Oofy here: Editorial: time to talk horses. Bought Gi-gi at the Stowe Fair. Crossed the gipsy’s palm with silver and she said the horse was mine. Couldn’t run faster if she had 5 legs. Matter of fact. You can say that about her. Fact is. If you were a horse and had 5 legs you’d spend all your time thinking which hoof to go down on next. Never get anywhere.

A gloss from the Type-Setter: the Type-Setter understands that the Editor had little pleasure from Monsieur Reynard, but allows his point that we should move away from discussion of the red books towards the function and purpose of landscape as Repton understood it. His point, that red books can only tell us so much about Repton’s design, is picked out also in a question put by Mrs SD of Kew, to which the Professor has already written an answer:

‘We are asked why, in some red books, Repton quotes from, or refers to, others. His aim cannot have been to publicise the range of his work, or he would have quoted exclusively from the designs that he created for the richest and best-connected of his clients. It is rather that he was anxious that each red book should demonstrate his response to a particular site and that he expected his response to be specific to that site and to be valued because it was specific. Where he found himself wanting to repeat advice he had given elsewhere he found it incumbent on himself to acknowledge the copy in order to avoid the criticism that his work was formulaic. On the other hand if we think of the actual work he was doing on the ground, one would expect to find some similarities between projects undertaken at the same time – shortage of time, the tendency of the creative imagination to repeat a success and to (without realising it) follow a single path, will lead all artists towards the rut. Aware of this Repton will have been anxious to make each of his designs sound distinct.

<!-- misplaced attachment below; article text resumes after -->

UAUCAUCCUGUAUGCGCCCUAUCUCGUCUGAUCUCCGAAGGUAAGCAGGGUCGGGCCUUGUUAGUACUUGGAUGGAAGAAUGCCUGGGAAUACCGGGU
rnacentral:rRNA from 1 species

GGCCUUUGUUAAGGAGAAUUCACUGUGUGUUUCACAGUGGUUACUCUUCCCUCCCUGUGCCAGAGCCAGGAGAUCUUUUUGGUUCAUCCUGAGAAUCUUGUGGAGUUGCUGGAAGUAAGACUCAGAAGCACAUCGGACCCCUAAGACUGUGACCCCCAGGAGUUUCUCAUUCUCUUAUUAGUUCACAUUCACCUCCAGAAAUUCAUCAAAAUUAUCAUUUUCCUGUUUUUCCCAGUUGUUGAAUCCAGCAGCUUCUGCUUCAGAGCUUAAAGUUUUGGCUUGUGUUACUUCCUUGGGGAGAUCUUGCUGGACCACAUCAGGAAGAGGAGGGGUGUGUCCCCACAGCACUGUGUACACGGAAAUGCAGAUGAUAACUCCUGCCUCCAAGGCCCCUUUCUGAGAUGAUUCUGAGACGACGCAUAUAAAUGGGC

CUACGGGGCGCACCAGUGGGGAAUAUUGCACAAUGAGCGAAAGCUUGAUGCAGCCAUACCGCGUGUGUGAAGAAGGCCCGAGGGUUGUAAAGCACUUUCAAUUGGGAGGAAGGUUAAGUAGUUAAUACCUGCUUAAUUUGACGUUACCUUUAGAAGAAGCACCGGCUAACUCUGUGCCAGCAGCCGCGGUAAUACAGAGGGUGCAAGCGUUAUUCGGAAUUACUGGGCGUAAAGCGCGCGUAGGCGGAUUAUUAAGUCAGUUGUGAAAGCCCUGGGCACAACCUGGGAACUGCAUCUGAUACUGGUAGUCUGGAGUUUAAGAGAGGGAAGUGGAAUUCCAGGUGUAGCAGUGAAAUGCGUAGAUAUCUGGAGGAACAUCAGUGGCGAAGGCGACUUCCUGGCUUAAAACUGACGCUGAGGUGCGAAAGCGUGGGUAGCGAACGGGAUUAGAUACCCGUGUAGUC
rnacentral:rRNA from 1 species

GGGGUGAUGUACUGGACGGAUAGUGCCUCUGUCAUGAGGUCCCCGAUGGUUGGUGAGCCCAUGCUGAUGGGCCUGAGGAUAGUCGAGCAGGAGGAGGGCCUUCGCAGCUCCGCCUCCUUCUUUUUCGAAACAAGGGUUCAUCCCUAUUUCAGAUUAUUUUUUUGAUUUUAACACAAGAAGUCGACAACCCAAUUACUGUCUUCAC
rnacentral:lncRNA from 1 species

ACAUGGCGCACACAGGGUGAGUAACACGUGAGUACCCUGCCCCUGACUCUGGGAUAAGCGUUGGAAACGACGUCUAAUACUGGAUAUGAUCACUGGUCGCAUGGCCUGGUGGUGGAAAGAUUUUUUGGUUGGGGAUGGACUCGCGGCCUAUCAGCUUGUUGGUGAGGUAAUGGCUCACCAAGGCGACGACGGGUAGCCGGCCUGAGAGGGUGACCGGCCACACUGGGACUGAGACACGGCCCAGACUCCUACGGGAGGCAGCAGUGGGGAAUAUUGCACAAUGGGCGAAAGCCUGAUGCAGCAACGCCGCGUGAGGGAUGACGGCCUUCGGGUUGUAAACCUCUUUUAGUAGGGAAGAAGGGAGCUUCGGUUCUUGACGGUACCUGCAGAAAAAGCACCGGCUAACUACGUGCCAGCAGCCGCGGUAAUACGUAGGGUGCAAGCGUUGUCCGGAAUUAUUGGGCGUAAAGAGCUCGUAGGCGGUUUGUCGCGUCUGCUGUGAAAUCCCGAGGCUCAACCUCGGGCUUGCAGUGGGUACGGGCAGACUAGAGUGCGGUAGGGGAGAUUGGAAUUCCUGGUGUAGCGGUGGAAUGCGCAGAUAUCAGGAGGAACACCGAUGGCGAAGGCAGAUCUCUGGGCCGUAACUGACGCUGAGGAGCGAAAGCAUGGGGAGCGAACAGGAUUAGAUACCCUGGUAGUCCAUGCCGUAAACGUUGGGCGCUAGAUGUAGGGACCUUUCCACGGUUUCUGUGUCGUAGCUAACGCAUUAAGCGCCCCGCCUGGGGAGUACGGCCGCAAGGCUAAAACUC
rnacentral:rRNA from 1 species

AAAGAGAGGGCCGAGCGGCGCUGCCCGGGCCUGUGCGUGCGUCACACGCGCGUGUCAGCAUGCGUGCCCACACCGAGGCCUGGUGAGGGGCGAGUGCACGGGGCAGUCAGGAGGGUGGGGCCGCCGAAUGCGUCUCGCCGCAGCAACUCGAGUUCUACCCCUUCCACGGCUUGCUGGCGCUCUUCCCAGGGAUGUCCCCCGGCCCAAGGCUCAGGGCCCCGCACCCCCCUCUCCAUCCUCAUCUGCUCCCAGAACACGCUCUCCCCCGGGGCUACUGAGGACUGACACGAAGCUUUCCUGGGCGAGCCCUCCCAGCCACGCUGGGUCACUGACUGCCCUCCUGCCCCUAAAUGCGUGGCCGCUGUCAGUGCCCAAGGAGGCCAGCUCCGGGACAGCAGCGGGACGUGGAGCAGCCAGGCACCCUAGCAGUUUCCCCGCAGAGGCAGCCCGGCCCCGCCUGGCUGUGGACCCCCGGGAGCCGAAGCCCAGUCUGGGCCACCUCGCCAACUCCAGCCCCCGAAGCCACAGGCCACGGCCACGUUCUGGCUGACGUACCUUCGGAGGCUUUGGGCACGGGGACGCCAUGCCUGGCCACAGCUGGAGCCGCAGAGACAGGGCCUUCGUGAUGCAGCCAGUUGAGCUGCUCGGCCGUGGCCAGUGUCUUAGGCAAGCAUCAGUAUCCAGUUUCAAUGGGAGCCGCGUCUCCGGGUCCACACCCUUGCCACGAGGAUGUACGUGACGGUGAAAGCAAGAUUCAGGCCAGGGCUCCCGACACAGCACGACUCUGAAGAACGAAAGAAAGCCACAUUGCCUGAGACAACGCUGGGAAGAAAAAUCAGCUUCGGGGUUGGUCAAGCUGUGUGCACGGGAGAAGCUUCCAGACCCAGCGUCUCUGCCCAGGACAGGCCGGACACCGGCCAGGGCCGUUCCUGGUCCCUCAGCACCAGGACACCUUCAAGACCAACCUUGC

For us, 250 years later, to get closer to a full understanding of his work on a particular site therefore, we should read not only the red book for that place but other contemporary red books which may better describe his intentions, though he will have been loath to write them down more than once for fear of having the originality and fecundity of his genius thrown into question.’ [Notes from the Professor, trans. the Type-Setter]